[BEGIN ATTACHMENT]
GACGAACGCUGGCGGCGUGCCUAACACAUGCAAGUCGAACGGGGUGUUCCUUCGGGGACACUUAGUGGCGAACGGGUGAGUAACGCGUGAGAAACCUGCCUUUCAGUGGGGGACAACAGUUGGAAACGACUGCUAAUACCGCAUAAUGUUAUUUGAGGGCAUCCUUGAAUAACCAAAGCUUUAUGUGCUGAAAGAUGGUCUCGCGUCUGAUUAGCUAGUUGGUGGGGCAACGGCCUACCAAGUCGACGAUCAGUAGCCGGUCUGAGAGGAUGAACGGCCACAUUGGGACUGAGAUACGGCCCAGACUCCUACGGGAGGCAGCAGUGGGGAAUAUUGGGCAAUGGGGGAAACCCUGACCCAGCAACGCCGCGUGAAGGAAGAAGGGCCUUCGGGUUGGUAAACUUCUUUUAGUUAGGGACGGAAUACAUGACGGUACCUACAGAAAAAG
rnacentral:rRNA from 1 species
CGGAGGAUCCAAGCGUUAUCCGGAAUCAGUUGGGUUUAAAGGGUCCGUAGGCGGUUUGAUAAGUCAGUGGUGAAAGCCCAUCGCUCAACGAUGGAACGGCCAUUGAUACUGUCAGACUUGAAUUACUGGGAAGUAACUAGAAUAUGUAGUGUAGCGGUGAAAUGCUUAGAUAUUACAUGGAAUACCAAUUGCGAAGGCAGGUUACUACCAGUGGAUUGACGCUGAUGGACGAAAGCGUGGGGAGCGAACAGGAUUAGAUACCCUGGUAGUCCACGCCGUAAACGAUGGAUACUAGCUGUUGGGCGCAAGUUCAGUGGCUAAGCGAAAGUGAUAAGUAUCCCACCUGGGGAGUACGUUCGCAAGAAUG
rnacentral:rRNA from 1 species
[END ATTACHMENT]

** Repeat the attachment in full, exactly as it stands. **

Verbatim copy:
GACGAACGCUGGCGGCGUGCCUAACACAUGCAAGUCGAACGGGGUGUUCCUUCGGGGACACUUAGUGGCGAACGGGUGAGUAACGCGUGAGAAACCUGCCUUUCAGUGGGGGACAACAGUUGGAAACGACUGCUAAUACCGCAUAAUGUUAUUUGAGGGCAUCCUUGAAUAACCAAAGCUUUAUGUGCUGAAAGAUGGUCUCGCGUCUGAUUAGCUAGUUGGUGGGGCAACGGCCUACCAAGUCGACGAUCAGUAGCCGGUCUGAGAGGAUGAACGGCCACAUUGGGACUGAGAUACGGCCCAGACUCCUACGGGAGGCAGCAGUGGGGAAUAUUGGGCAAUGGGGGAAACCCUGACCCAGCAACGCCGCGUGAAGGAAGAAGGGCCUUCGGGUUGGUAAACUUCUUUUAGUUAGGGACGGAAUACAUGACGGUACCUACAGAAAAAG
rnacentral:rRNA from 1 species
CGGAGGAUCCAAGCGUUAUCCGGAAUCAGUUGGGUUUAAAGGGUCCGUAGGCGGUUUGAUAAGUCAGUGGUGAAAGCCCAUCGCUCAACGAUGGAACGGCCAUUGAUACUGUCAGACUUGAAUUACUGGGAAGUAACUAGAAUAUGUAGUGUAGCGGUGAAAUGCUUAGAUAUUACAUGGAAUACCAAUUGCGAAGGCAGGUUACUACCAGUGGAUUGACGCUGAUGGACGAAAGCGUGGGGAGCGAACAGGAUUAGAUACCCUGGUAGUCCACGCCGUAAACGAUGGAUACUAGCUGUUGGGCGCAAGUUCAGUGGCUAAGCGAAAGUGAUAAGUAUCCCACCUGGGGAGUACGUUCGCAAGAAUG
rnacentral:rRNA from 1 species